Skip to comments.Delay is likely for (Camp)Pendleton(8) hearings
Posted on 07/19/2006 8:18:18 PM PDT by radar101
For weeks, attorneys for eight Camp Pendleton service members accused of murdering an Iraqi man thought hearings would begin by month's end.
Now it appears that legal and logistical issues will delay those hearings until September or later. The postponement has prompted at least one of the lawyers to say that base officials should release the suspects from jail until the scheduling is sorted out.
I think we will make a request to take them out of brig, said attorney Joseph Casas, who represents Marine Pfc. John J. Jodka, a native of Encinitas.
The defendants have been jailed since May 11, first in Iraq and then at Camp Pendleton.
Long Beach attorney Joseph H. Low said he doubts that Marine prosecutors are interested in releasing anyone.
If I'm the commanding officer of the brig, I'm going to let them sit there in the hopes that they break down and say anything to get out, said Low, who represents Marine Cpl. Marshall L. Magincalda. There is no case law that says they have to release them.
Besides Jodka and Magincalda, the defendants are Petty Officer 3rd Class Melson J. Bacos, a Navy corpsman, and the following Marines: Sgt. Lawrence G. Hutchins III, Lance Cpl. Tyler A. Jackson, Lance Cpl. Robert B. Pennington, Lance Cpl. Jerry E. Shumate Jr. and Cpl. Trent D. Thomas.
The suspects are from the 3rd Battalion, 5th Marine Regiment. They are accused of taking Hashim Ibrahim Awad from his home in Hamdaniya, Iraq, on April 26 and shooting him, then trying to make it look as if he was planting a roadside bomb.
The men are charged with premeditated murder, kidnapping, assault, conspiracy, larceny, obstruction of justice, making false official statements and unlawfully breaking into Awad's home. Their next step in the legal process is the Article 32 hearing, which is roughly equivalent to a grand jury proceeding.
During the hearing, prosecutors and defense attorneys lay out their case with witnesses and other evidence. An investigating officer reviews the case and recommends whether each suspect should proceed to trial, known as court-martial.
Under the Uniform Code of Military Justice, defendants usually are brought to trial within 120 days of confinement. That prospect looks unlikely in the Hamdaniya case because prosecutors and defense attorneys said they still have to gather and review a lot of evidence.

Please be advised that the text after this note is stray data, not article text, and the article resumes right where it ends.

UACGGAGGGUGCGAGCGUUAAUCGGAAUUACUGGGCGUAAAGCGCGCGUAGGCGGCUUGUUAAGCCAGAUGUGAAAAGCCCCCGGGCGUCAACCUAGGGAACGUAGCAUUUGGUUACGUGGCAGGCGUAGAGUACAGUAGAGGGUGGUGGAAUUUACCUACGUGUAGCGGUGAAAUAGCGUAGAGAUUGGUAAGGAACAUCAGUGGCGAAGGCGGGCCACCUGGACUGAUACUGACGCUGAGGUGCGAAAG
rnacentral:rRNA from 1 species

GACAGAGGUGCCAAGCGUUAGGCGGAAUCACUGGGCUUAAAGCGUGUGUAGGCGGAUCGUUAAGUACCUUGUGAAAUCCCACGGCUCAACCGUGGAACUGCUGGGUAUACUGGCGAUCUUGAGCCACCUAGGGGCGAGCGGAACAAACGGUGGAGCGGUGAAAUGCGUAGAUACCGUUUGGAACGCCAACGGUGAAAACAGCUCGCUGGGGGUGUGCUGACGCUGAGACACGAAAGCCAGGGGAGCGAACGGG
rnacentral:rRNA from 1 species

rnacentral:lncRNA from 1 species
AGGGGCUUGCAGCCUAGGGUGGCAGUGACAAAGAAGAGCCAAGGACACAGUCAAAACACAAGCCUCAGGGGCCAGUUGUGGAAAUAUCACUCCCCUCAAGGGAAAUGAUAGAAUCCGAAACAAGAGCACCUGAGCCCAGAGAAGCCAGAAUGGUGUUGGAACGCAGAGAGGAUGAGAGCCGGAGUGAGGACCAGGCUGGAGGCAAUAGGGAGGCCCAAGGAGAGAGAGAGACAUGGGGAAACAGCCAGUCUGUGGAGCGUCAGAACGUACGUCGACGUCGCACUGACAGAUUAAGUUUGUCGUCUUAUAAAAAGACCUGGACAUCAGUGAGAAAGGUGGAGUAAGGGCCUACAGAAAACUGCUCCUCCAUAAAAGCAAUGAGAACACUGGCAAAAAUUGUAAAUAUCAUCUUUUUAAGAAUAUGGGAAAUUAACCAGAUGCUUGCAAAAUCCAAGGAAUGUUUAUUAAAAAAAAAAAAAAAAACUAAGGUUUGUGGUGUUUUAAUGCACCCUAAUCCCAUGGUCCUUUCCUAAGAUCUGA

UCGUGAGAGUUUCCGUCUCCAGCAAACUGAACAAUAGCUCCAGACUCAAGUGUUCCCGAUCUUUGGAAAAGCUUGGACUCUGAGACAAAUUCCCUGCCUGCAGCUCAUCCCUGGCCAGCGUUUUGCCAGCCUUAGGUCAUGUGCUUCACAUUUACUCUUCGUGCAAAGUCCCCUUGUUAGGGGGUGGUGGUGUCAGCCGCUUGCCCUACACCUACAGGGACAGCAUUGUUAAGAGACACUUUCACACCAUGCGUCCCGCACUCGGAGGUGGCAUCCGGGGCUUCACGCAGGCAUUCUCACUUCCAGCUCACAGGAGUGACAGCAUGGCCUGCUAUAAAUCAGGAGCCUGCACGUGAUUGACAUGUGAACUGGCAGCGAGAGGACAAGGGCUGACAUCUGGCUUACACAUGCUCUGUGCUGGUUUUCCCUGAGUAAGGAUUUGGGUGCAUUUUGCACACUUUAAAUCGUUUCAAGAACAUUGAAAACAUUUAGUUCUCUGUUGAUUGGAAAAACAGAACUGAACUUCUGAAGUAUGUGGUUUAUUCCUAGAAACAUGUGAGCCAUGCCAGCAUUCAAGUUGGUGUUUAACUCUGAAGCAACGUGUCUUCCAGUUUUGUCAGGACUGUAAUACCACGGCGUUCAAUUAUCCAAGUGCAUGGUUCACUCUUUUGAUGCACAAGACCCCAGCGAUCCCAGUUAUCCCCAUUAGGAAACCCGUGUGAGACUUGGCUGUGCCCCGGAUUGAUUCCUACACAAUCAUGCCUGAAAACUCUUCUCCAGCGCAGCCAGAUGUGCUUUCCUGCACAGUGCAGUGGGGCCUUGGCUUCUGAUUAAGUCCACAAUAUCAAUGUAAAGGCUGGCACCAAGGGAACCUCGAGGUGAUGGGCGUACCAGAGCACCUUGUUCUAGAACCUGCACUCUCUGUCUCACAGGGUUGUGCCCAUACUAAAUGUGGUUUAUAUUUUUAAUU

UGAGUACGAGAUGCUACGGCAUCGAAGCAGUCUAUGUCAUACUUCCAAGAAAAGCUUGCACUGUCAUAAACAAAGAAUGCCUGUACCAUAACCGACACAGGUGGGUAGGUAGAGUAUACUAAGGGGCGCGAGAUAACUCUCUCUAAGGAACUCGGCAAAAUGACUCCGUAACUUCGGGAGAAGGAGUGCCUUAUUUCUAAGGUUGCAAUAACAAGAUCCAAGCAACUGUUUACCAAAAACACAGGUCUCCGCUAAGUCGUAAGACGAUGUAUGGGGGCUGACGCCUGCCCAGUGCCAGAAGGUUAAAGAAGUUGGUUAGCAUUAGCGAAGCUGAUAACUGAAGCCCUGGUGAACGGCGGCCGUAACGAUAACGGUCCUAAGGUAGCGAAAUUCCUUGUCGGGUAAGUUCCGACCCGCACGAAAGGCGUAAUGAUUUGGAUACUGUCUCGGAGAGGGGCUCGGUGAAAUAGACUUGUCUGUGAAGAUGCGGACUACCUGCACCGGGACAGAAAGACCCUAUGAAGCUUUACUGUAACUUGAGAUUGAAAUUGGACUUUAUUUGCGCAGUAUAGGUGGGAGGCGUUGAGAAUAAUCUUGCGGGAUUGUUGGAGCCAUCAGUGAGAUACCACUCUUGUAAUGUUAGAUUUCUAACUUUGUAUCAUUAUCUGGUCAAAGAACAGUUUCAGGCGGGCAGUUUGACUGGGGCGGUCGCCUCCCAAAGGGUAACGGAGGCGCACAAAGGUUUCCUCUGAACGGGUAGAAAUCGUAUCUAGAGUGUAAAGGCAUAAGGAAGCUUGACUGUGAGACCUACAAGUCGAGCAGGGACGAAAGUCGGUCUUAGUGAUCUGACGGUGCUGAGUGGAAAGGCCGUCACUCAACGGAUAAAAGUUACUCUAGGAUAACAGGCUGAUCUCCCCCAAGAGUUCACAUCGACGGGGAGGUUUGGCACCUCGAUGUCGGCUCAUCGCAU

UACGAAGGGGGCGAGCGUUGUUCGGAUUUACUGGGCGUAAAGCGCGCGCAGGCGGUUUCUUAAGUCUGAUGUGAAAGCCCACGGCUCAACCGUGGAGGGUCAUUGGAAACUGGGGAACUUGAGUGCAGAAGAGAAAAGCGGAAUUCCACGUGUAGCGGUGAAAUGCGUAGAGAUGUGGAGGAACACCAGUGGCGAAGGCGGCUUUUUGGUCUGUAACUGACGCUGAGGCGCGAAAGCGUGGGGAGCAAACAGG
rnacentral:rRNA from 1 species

Dozens of people have gathered outside Camp Pendleton's main gate each weekend to protest the incarceration of the Hamdaniya suspects.
Some of the demonstrators have said the Marine Corps is guilty of a double standard. They cite a different case in which other Camp Pendleton Marines have been accused of killing 24 civilians without cause last November in Haditha, Iraq. Those service members remain free pending possible charges.
Besides confirming a date for the Article 32 hearings, a number of other Hamdaniya issues remain unresolved, including:
Will the Marine Corps allow defense lawyers military counsel and/or civilian attorneys to travel to Hamdaniya to gather evidence?
Will the Marine Corps pay for expert defense witnesses? If so, how much?
When will the prosecution release all of its evidence to the defense?
On Friday, the Marine Corps sent defense attorneys more evidence that included 540 pages of findings by the Naval Criminal Investigative Service.
It has not released the final autopsy report on Awad, which intrigued David Brahms of Carlsbad, who represents Pennington.
You would think that if they had some (incriminating) evidence that they would parade it around, Brahms said.
Lt. Col. Sean Gibson, a Marine spokesman, said evidence is being turned over to the defense as soon as the prosecution receives it.
Gibson said that it is premature to send lawyers to Iraq for evidence-gathering before the Article 32 hearings take place. That position concerns Thomas Watt, a North County attorney representing Jackson.
In order to hold a comprehensive . . . Article 32, isn't it important to talk to witnesses and to see the crime scene beforehand? Watt said.
Rick Rogers: (760) 476-8212; firstname.lastname@example.org
I'm inclined to believe that this is a farce. Another setup of our boys by Muslim animals.
Let these men go free, at least until the hearings get underway. What a crock of crap.
Why didn't they do this before now?
Aw geeze what did Tom get accused of this time that he has to go to Pendleton ?
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